Within the current global refugee crisis this paper emphasises the fundamental role of education in facilitating the integration of young new arrivals. It argues that a humanitarian problem of such scale requires a commensurate humanitarian response in the form of socially-just educational policies and practices in resettlement contexts within Europe. Utilising the theoretical concepts, ‘participatory parity’ (Fraser) and ‘resumption of an ordinary life’ (Kohli), we explore educational policy-making in Sweden and England, noting how the framing of these policies indicates how different nation states view their role in the global migration crisis. In England, child refugees are rendered invisible and not a legitimate focus of national educational policy, whereas in Sweden they are foregrounded in policy discourse though not necessarily in policy enactment. The paper concludes that newly arrived future citizens of Europe require socially-just policy and practice to best serve their own and their resettlement context’s best interests.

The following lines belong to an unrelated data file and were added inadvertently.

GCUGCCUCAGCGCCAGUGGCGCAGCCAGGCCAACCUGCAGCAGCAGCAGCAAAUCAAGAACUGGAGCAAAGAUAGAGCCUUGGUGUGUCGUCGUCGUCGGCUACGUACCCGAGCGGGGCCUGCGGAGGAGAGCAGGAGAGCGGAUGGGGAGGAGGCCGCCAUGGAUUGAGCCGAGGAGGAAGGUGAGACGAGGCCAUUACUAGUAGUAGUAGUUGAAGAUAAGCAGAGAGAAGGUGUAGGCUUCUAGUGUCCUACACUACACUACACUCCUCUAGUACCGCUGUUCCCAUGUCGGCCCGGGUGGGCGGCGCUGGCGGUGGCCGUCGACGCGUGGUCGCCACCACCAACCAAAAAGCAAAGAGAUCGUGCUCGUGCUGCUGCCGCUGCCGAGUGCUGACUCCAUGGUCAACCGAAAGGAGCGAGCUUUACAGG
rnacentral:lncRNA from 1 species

|Tidigt onlinedatum||2018 sep. 26|
|Status||Published - 2020|